Prime Minister John Key is still backing a proposed international detention centre for asylum seekers, despite Australian plans to base it in East Timor being in tatters.
East Timor's parliament has voted unanimously against Australian Prime Minister Julia Gillard's proposal to locate the centre in the struggling island state, delivering a potentially fatal blow to her plans just a week after they were announced.
Ms Gillard played down the vote yesterday, noting that only 34 of Timor's 65 MPs were present.
She said the East Timor Government had confirmed it was still keen to discuss the plan, though President Jose Ramos-Horta has publicly given only very guarded agreement. He has also made clear the decision lies with Prime Minister Xanana Gusmao, who Ms Gillard did not consult before announcing East Timor's backing last week.
A spokesman for Mr Key, who was sounded out about the plan in a 10-minute phone call from Ms Gillard while on an official trip to Asia, said he would continue discussions despite the East Timor vote.
"As we said last week, we are happy to have discussions with the Australians on the idea of a regional processing centre, but Mr Key has not spoken further with Julia Gillard on this issue."
Ms Gillard has proposed the centre as a solution to Australia's boat people problem, claiming people- smugglers would be deterred from targeting its shores if they knew they would be sent to East Timor.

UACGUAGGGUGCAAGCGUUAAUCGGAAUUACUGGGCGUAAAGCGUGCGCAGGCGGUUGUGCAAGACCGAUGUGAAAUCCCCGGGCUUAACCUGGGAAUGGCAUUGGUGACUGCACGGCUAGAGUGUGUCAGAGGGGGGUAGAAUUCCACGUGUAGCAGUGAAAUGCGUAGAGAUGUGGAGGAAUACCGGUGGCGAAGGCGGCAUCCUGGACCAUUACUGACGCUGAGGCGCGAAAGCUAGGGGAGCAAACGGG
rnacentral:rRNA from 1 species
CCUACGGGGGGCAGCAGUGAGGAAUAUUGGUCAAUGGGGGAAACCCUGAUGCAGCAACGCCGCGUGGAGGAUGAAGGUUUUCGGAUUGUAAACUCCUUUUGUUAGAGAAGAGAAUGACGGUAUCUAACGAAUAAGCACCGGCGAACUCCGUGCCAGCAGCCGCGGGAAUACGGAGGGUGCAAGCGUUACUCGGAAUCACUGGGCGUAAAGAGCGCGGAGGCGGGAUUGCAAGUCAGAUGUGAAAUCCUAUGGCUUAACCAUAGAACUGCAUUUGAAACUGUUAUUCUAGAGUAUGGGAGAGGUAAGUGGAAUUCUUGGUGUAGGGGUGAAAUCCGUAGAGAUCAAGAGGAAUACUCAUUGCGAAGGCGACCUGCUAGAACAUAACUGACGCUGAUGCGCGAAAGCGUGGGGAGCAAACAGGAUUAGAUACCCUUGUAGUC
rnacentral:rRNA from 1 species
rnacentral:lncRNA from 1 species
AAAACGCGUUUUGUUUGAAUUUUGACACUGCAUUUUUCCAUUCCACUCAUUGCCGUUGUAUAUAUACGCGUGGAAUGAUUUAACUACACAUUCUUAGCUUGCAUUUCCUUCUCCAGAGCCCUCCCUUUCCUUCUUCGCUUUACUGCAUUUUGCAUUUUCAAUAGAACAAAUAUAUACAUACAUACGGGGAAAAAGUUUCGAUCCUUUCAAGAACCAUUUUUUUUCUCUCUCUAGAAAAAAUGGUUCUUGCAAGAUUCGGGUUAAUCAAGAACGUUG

She wants New Zealand backing, but has also made it clear that New Zealand would be expected to take refugees declared as genuine after being processed at the centre.
Mr Key has backed the plan on the grounds that New Zealand will sooner or later be targeted by people- smugglers as their operations become more sophisticated.
But Greens immigration spokesman Keith Locke said Mr Key should withdraw his support following the Timorese vote.
"It's time for New Zealand to pull the plug on this half-baked plan ... It was never more than a pre-election gimmick by the new Australian prime minister."
Labour leader Phil Goff said the East Timor vote was no surprise, as the tiny country had just finished dealing with 100,000 internally displaced people of its own.
Mr Key had been sucked into backing a policy aimed at helping Ms Gillard win a looming election in which asylum seekers would be a major concern, and should drop his support, he said.
"This is an issue for Australia. New Zealand does not need to be part of establishing a detention centre, where it should be, funding it or giving priority to taking refugees from it. I don't see any benefit to New Zealand in doing any of those things."
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